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Condé Nast Traveler's Women Who Travel and El Camino Travel are going to Colombia—and we want you to come with us.

Since launching in 2017, Condé Nast Traveler’s Women Who Travel has built a community through storytelling, podcasting, a Facebook group (now over 100,000 members strong!), and monthly meetups. It’s acted as a platform for us to celebrate all those bold travelers out there, but it’s also evolved into a safe space for self-identifying women to share experiences, swap travel tips, and form new friendships. Next on the agenda? We want to start traveling the world together, too.

This February, Women Who Travel is teaming up with El Camino Travel and heading to Colombia for nine days. Fusing the expertise of the female-owned company with our Condé Nast Traveler editors’ touch, the itinerary has been designed with an all-female group in mind—and like all El Camino trips, it will be immersive, support local businesses, and take you to the heart of each destination. Most importantly, it will be fun. The trip will be led by women, including El Camino Travel’s local guide and a Condé Nast Traveler editor, and come with a photographer to let you focus on the moment, not the ‘gram.

There are just 15 spots available, and they’re open to all self-identifying women. Come to Colombia with us!

 

ITINERARY PREVIEW

women who travel conde nast traveler cartagena colombia trip

Arrive: Touch down in coastal Cartagena. Arrive early to spend a few hours doing recon on the colonial city, or wash off the flight in its warm Caribbean waters.

Evening: Get to know everyone over drinks. We’ll head to 1920’s shoe store-turned-rum bar, where the cocktails are modern shake ups of Colombian classics. Their spirits are infused in-house, with endemic fruits like lulo and maracuya. Enjoy your drink on the rooftop, or roll your sleeves up and step behind the bar—the bartenders are happy to teach you how to mix your own. For dinner, two of Latin America’s most exciting young chefs will host a private pop-up for us. This renegade duo travels the country, cooks with indigenous communities, and brings their traditional ingredients back to Cartagena. The goal? To put these one-time staples back into modern kitchens, and expose travelers to ingredients they wouldn’t find otherwise. The result is a sensory culinary experience, with purpose.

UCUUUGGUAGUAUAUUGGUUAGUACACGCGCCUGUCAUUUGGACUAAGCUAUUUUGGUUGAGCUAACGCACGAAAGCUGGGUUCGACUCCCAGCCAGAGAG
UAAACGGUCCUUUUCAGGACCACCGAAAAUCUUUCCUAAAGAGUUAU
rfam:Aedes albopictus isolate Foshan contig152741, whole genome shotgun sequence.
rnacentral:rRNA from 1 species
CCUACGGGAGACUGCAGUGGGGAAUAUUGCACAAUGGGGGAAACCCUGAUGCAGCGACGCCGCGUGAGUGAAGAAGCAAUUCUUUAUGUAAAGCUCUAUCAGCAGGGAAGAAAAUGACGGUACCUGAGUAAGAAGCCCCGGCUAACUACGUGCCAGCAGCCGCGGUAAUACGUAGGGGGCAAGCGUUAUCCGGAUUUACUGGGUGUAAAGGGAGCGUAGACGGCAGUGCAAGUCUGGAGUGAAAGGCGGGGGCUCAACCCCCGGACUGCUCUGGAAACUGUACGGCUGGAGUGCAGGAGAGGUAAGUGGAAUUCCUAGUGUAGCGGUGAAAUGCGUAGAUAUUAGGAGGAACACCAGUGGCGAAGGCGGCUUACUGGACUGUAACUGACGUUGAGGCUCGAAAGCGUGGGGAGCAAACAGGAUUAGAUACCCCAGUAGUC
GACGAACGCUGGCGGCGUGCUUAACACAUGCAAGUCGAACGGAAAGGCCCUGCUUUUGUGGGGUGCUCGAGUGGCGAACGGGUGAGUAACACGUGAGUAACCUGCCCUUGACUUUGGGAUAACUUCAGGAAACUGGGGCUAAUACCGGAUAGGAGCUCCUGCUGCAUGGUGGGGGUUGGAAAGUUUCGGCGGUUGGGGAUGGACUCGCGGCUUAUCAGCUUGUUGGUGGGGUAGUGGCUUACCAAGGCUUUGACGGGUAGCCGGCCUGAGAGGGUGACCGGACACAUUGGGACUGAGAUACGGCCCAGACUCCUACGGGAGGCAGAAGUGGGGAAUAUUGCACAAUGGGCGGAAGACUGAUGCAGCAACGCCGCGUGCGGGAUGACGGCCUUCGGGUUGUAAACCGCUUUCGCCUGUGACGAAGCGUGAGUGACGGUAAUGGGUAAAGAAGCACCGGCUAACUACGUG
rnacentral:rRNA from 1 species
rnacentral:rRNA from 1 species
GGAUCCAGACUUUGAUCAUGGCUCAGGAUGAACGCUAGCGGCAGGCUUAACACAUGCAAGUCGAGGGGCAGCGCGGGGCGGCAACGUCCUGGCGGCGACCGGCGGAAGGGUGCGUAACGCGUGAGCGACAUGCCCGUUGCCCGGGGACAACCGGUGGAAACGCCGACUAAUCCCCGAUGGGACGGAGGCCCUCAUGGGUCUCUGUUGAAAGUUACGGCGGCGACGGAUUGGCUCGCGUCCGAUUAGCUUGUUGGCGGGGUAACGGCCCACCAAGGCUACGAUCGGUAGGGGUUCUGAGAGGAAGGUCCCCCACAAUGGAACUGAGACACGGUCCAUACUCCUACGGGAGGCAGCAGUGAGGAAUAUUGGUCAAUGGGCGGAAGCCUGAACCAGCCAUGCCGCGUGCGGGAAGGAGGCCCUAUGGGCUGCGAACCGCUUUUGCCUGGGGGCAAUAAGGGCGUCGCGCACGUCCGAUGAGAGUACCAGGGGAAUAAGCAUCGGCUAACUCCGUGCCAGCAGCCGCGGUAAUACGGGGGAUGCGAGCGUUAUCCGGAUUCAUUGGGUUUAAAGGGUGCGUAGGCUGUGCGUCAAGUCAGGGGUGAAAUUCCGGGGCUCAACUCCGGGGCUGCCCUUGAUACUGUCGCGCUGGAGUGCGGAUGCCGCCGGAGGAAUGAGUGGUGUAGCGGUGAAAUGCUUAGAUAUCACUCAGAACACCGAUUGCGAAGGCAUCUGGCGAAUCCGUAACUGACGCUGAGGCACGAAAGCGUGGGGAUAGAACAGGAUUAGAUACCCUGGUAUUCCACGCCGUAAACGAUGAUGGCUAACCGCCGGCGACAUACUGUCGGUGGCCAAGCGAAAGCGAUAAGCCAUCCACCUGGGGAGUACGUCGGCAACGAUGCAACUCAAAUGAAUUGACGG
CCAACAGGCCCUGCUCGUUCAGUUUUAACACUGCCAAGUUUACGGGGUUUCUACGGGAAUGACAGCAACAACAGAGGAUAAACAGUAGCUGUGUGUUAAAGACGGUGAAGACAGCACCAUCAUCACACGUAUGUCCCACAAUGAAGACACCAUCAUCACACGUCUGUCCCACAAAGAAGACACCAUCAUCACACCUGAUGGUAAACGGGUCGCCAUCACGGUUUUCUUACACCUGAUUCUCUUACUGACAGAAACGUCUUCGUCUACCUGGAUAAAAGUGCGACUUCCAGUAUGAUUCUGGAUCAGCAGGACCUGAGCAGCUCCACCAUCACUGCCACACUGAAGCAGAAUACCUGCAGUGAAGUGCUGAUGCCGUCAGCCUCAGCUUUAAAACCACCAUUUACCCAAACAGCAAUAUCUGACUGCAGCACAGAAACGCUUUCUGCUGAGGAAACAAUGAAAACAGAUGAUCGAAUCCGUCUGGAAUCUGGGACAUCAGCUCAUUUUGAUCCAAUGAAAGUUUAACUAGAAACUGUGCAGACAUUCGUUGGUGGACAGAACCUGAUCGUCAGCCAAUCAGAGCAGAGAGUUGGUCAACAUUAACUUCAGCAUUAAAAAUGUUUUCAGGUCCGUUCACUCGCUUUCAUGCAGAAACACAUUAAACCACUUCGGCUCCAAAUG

Stay: For our time in Cartagena, we’ll be staying at Casa Lola in the hip Getsemani neighborhood. We’re here for the postcard-worthy colonial architecture, chic furnishings, and that terrace. Their multilevel rooftop terrace has cabanas, two pools, and the kind of views that will make you forget to connect to wifi (but don’t worry, they have that, too).

Meals included: Dinner

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Morning: We have an early wake up call today, and you’re going to want to bring a bathing suit. We’re heading to the iconic mud volcano just outside the city—but our hookups are letting us in early, before all the other travelers show up. We’ll get our hands dirty with this one, but you’ll have to trust us: it’s worth it.

Afternoon: Back in the city, we’ll spend Sunday afternoon as Cartageneros do over a home-cooked meal, with a side of salsa (dance, not sauce). First, we’ll head to a neighborhood home in Getsemani, where two neighbors will cook us a Sunday feast—and don’t worry, they’ll have cold beers on hand. Which you might need, because our meal will be chased with a crash-course in salsa dancing, and an evening spent hopping between watering holes to test out your new moves. Don’t worry if you’re not the best dancer; you won’t see anyone you know where we’re headed.

Evening: Our salsa tour will fade into the evening, at the end of which most of us will flop onto our beds, exhausted. But, if you’re up for a nightcap, the evening is yours to stick out at the salsa bar or back in the city.

Meals included: Breakfast, lunch

 

women who travel el camino travel testimonials trip to Colombia

“I only wish I did the Colombia trip sooner!”

Solo travelers, don’t worry about going alone – you will make a ton of wonderful new friends. Our guide felt like a long-lost Colombian cousin who handled herself with grace, humor, and I felt so safe and comfortable with her the whole time. Our trip photographer was beyond lovely and her photos are works of art. Everyone we met throughout the trip was superb, and I found the opportunities to speak with the local guides and business owners to be so interesting and fulfilling. Extremely well done. Gracias a Kata y a todos del equipo de El Camino!

Jamie Vanaria